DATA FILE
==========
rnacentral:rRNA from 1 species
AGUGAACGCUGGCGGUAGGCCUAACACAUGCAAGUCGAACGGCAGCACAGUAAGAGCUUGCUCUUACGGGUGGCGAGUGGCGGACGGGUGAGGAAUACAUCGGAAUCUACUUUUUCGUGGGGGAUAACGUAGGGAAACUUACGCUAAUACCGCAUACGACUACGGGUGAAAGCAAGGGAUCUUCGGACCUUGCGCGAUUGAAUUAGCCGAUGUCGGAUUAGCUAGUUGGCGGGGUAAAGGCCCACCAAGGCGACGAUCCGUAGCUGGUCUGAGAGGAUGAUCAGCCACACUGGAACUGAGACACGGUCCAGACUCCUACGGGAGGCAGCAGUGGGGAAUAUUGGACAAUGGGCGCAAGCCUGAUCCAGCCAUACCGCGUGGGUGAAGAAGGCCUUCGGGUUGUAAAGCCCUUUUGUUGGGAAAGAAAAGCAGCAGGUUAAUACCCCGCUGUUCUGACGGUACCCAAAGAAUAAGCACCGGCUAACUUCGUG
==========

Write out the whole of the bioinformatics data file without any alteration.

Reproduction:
rnacentral:rRNA from 1 species
AGUGAACGCUGGCGGUAGGCCUAACACAUGCAAGUCGAACGGCAGCACAGUAAGAGCUUGCUCUUACGGGUGGCGAGUGGCGGACGGGUGAGGAAUACAUCGGAAUCUACUUUUUCGUGGGGGAUAACGUAGGGAAACUUACGCUAAUACCGCAUACGACUACGGGUGAAAGCAAGGGAUCUUCGGACCUUGCGCGAUUGAAUUAGCCGAUGUCGGAUUAGCUAGUUGGCGGGGUAAAGGCCCACCAAGGCGACGAUCCGUAGCUGGUCUGAGAGGAUGAUCAGCCACACUGGAACUGAGACACGGUCCAGACUCCUACGGGAGGCAGCAGUGGGGAAUAUUGGACAAUGGGCGCAAGCCUGAUCCAGCCAUACCGCGUGGGUGAAGAAGGCCUUCGGGUUGUAAAGCCCUUUUGUUGGGAAAGAAAAGCAGCAGGUUAAUACCCCGCUGUUCUGACGGUACCCAAAGAAUAAGCACCGGCUAACUUCGUG